The End of Arrogance: America in the Global Competition of Ideas

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A much better analogy for how it works, say the authors, is the competition of the commercial marketplace.

Book Discussion: The End of Arrogance: America in the Global Competition of Ideas

In his recent state of the union address, President Obama adopted similar themes of American economic dynamism as strengthening national competitiveness, but End of Arrogance is a methodical reconception of U. Jentleson and Weber portray an international order that is up for grabs at the beginning of the 21 st century.

Their claim that nations and leaders are working with a clean slate probably overstates the case, but most of the book charts a credible course to renewed U. In a functioning modern marketplace of ideas, at least three things are true of a twenty-first-century leadership proposition. First, we offer, but they choose. A market leader is fundamentally more dependent on the followers than the followers are on the leader. Second, the relationships are visible and consistency is demanded. Finally, there is real competition. Markets are relentless in their ability to generate new offerings.

The authors describe some key challenges in the contemporary marketplace, all of which lower the barriers to entry for our competitors. They highlight the revolution in information and communications technology, demographic trends that fill megacities with young people whose worldview is non-Western, the openings provided by the diffusion of authority, and the permeability of national borders.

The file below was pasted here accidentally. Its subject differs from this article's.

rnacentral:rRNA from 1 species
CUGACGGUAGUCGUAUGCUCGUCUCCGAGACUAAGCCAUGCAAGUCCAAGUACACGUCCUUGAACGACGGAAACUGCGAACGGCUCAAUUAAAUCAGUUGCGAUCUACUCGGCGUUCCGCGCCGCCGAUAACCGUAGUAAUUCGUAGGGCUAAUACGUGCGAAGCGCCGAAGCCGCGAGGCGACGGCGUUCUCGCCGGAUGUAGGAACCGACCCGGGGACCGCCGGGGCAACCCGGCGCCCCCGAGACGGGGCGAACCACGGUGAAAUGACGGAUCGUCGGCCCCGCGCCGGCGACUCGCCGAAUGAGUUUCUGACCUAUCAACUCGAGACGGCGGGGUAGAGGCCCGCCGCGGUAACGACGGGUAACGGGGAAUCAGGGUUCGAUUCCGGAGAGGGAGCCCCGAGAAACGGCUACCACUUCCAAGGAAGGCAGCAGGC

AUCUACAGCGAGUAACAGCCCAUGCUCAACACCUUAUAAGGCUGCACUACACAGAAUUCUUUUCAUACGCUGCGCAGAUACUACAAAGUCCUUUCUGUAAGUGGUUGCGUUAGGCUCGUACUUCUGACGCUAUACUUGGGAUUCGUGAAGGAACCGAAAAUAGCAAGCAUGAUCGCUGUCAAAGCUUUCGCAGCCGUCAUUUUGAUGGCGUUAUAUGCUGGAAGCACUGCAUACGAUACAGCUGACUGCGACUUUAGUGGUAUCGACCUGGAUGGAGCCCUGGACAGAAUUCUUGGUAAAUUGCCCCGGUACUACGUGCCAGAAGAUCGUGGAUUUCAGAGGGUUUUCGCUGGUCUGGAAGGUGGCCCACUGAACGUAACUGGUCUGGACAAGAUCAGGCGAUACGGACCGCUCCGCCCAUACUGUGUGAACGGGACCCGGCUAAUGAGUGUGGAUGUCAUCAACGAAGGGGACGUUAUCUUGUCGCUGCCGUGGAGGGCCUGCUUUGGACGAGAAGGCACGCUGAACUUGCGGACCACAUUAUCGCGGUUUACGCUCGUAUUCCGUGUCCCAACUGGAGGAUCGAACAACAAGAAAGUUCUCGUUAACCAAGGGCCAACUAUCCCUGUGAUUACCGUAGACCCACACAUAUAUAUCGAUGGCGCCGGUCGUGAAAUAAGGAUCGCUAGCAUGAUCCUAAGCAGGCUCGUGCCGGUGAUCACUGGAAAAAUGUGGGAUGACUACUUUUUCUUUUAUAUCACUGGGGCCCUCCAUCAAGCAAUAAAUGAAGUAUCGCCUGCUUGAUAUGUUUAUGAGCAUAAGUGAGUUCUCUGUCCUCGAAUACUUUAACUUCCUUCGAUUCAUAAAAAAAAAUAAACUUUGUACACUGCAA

The section concludes with a sobering assessment:. In , globally, there remains a deep skepticism about the proposition that the United States can be more powerful and the world can be a better place at the same time. The belief that these two things could be consistent or even reinforce each other was the most valuable and precious advantage America had in the post-World War II milieu.

It has eroded and that changes the nature of ideological competition dramatically. A new foreign policy proposition has to find a way to put that belief back into play.

Andy Brooks & Steve Weber: Big Data? Bigger Decisions! (DataEDGE Conference 2012)

In place of democratic ideology — electoral competition and the popular mandate — the essential elements of a just society are the empowerment of people to lead fulfilling lives and protection of the vulnerable, those buffeted by forces of rapid change such as extreme weather, industrial accidents, or spikes in the price of staple foods. As the authors step out of ingrained American worldviews to gain perspective on democracy, they make a compelling point about the weaknesses that others perceive. In the wide swath of the world where daily life is a grinding struggle, to idealize process and treat material conditions as secondary and contingent must seem exotic.

Just as the book proposes revised standards of good governance, it issues a similar challenge to recast the international political order. Again the root of the problem is complacency; Americans are still trying to dine out on our authorship of the post-World War II order when the resonance of that creation myth has faded. Rather than dismissing the mere notion that the postwar order could be or has already been upended, we should try to get out ahead of the revision process.